The Most Common Mistakes People Make With Golf Travel Bags

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It’s off-season for many golfers in the northern states of the us. Period to take a break from those early morning tee times and take some time to do some “in-door” golf, i.e. at computer-generated golf courses or with a temporary indoor putting green within the middle of the living room.

For those golfers determined to play year-round and are traveling south to warmer climes, a golf travel bag becomes a necessary purchase. Whether you are traveling by plane or train, your golf clubs need protection. (Several years ago, traveling to Hilton Head for golf, one of the women in our group had the head of her very expensive driver snapped off when a careless baggage handler tossed her golf travel bag onto the tarmac. The airline gave her some monetary compensation, but as the driver was not brand-new, the amount was not equal to the expense of replacement. – That is another story.) The point is that your clubs represent a large investment and they need to be protected whenever you travel.

So which bag is best? Hard case? Soft case? Your decision might rely upon simply how much you travel with your golf clubs, just how much extra space you need for shoes, balls, towels, etc. (I stuff all kinds of extra stuff in my bag, including my bed pillow! which helps give just a little extra padding. And with the airline carriers charging you extra for that second bag anyway, why not stuff the golf travel bag with clothes as well?)

Here are a few types of travel bags you could consider using on your next golf trip.

This style is employed by more touring professionals on the PGA, Champions, and LPGA tours – choose a bag with wheels that makes it easy to maneuver. Check to be sure the padding is extra thick to protect your clubs and choose a bag which has many extra pockets with solid zippers so you can carry all those “extra” items.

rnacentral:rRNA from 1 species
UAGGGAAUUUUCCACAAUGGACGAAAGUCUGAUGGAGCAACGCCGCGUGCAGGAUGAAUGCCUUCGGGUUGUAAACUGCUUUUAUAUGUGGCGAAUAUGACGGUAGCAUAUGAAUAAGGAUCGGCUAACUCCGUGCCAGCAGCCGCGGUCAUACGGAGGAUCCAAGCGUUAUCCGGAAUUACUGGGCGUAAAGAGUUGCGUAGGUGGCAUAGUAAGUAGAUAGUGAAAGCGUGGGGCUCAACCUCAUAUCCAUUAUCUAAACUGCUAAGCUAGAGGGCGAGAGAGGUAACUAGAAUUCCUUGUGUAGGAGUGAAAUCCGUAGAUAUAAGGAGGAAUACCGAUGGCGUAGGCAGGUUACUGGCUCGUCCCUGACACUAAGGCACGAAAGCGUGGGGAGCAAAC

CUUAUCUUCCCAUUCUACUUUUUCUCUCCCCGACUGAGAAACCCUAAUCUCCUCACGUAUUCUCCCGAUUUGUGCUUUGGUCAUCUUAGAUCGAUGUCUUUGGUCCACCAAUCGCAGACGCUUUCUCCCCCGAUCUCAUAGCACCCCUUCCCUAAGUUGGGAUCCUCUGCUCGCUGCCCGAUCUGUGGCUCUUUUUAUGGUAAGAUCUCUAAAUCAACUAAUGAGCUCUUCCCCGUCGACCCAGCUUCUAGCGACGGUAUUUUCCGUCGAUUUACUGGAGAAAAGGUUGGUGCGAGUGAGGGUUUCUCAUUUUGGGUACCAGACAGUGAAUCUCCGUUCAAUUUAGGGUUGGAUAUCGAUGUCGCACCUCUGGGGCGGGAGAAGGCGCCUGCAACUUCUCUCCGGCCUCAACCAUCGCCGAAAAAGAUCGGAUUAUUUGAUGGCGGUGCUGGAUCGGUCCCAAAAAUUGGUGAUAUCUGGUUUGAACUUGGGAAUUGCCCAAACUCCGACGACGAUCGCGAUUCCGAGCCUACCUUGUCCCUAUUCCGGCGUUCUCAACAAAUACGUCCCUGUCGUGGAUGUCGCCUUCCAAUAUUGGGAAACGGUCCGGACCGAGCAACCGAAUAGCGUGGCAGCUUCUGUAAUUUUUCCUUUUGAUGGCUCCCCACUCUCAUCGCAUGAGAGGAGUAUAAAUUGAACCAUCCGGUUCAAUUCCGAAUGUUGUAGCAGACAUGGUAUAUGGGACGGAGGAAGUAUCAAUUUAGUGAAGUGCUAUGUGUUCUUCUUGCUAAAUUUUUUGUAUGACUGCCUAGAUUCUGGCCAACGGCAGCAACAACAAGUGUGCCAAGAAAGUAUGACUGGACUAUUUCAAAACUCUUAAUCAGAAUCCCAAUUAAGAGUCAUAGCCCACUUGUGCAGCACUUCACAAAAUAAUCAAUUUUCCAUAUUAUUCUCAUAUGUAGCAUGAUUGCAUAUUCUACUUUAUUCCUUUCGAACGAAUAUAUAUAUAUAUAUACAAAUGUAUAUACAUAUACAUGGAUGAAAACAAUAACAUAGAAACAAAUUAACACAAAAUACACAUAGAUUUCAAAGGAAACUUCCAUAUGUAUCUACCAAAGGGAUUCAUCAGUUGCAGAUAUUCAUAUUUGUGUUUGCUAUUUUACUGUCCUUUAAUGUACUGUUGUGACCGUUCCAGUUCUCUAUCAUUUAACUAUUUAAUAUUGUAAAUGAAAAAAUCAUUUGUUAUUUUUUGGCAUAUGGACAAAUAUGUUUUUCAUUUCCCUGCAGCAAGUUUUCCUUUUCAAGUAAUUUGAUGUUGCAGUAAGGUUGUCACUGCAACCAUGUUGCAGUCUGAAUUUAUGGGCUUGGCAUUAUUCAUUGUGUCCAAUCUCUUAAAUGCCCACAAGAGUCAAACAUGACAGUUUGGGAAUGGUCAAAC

This kind of bag may be used both the golf course and while traveling. Look for one that offers all the features of a cart bag, and has a rigid “helmet” you can add whenever you take it on the road. Choose a bag with in-line wheels for an easier time crossing those long airport lobbies.

This kind of bag has a cloth cover but should be reinforced with some interior lamination, usually using PVC. Soft sides should be well padded. Quilted material is best. And make sure to test the bag strap for easy carrying and also the wheels for a smooth glide. On the homepage of this site is where you can get more information.

The bottom line in deciding which sort of golf travel bag you purchase depends upon the amount of traveling you plan on doing, simply how much protection you need, and the value of your clubs. Soft cases with plenty of padding are lighter, and simpler to handle, and they protect your clubs in most circumstances. Hard cases are often heavier but promise better protection, although also they can snap open unless you add strapping for security. Nearly every travel case can fit 14 clubs plus your golf bag, but should you have an extra long driver, be sure the length of the travel bag can accommodate it. You do not want to leave that special club at home!

Ask your golfing friends. Visit a variety of web pages to view what they offer. But as usual, you get what you pay for. Do you really want to put your thousand dollar clubs inside a twenty nine dollars bag you bought at the local Big Lots.

Franklin Warren

Well Hello! I'm an outgoing person who likes to travel. I really want to visit Tokyo next year. I like making new friends so message me.

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